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General Card #2527
CourseDeck: EM Approach to Teaching Compressible Flow Course
By Sid G
Updated: 10/14/2022 3:12 PM by Michael Johnson
Reviewed: 10/14/2022 3:12 PM by Michael Johnson
This is one such course where the power of math is blatantly visible where the equations narrates the connection between the model and the real world.

1. Introduction: 

This course is all about exposing students to the fundamentals of compressible flow in different internal and external environments such as nozzle, ducts, airfoils, etc. The inherent and blatant connections between the equations and the real world applications makes it easier to naturally integrate EM components into various levels and aspects of the course. It is the author's hope that the weekly modules presented in this "master" card makes it easier for any instructor teaching this course to adapt it to his/her own flavor with ease.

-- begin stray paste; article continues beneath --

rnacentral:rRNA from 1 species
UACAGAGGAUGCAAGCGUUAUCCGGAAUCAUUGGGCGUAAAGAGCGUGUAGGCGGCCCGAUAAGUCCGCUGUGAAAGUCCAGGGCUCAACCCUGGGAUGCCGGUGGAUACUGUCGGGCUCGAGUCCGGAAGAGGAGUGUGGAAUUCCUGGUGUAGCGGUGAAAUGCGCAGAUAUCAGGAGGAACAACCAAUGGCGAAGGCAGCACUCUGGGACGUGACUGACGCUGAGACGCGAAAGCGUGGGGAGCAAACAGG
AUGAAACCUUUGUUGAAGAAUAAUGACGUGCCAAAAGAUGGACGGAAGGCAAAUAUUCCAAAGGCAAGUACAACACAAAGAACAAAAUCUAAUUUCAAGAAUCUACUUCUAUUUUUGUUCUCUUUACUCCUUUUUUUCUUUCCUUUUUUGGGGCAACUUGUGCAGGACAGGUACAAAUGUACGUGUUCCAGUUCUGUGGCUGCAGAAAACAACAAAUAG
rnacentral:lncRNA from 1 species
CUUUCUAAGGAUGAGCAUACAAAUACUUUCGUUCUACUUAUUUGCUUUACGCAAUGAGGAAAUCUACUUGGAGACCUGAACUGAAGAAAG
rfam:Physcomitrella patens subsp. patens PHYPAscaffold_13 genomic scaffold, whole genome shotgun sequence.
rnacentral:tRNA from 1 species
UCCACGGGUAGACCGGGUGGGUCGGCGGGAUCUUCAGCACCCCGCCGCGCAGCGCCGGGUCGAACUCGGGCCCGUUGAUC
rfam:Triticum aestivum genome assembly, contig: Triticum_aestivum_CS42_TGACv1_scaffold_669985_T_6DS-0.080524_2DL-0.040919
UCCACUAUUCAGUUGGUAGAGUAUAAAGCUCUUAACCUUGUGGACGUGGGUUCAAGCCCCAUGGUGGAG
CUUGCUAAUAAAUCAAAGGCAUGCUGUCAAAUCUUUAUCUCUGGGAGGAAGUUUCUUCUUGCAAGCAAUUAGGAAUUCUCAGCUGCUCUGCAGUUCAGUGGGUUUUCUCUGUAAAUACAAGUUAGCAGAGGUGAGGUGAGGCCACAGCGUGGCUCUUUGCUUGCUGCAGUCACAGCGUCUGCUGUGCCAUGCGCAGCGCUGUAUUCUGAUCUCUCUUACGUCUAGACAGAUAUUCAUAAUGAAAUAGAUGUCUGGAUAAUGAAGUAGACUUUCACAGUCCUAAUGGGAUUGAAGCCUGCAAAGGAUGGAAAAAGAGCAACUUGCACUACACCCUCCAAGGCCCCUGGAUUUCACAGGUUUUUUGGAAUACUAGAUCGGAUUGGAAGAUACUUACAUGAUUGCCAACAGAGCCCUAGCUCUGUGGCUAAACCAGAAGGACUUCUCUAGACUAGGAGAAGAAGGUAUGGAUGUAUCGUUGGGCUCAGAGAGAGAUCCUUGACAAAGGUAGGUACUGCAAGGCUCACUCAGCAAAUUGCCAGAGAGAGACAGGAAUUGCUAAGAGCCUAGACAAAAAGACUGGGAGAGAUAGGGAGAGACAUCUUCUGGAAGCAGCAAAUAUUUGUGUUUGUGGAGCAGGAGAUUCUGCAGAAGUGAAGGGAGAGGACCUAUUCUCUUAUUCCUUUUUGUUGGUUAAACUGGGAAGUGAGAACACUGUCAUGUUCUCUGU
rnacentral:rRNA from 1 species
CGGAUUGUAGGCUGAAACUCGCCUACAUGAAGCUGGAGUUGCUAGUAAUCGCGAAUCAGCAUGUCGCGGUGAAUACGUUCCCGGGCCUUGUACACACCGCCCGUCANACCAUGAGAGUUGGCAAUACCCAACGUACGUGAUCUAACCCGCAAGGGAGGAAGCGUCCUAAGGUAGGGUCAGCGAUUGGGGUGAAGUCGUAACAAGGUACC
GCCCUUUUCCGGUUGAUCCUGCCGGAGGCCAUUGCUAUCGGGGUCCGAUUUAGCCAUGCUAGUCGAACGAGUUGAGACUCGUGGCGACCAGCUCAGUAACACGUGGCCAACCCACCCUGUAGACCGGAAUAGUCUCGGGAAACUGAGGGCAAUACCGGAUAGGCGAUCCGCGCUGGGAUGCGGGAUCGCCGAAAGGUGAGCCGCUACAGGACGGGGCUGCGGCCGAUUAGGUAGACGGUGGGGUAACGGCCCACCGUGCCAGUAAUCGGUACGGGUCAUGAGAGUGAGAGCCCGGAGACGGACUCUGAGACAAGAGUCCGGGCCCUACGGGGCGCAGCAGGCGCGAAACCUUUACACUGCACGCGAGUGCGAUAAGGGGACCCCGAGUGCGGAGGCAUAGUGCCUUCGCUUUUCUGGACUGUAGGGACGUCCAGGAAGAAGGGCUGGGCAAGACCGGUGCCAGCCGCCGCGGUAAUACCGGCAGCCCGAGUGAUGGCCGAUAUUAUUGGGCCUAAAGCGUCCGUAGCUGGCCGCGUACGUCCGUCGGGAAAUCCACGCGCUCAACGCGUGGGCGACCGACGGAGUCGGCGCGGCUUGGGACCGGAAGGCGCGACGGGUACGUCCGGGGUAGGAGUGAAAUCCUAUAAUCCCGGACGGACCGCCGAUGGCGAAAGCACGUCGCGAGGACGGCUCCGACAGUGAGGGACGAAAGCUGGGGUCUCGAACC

2. Weekly Card Structure:

In all the weekly modules cards presented below, a clear description of the course content is given interspersed with curiosity, connections and creating value questions that the instructor can use in the beginning of the class or anywhere in between. A short description of the weekly HW assignments were also given which briefly describes the intention behind the homework assignment and how and WHY students will benefit from answering the questions in the assignments. The attachments contain the slides with all the relevant equations, guided notes that were used in class as well as videos that were created. In some weekly course materials, the instructors can use the equations given in the slides to create guided notes of their own flavor for the students to go through the derivation.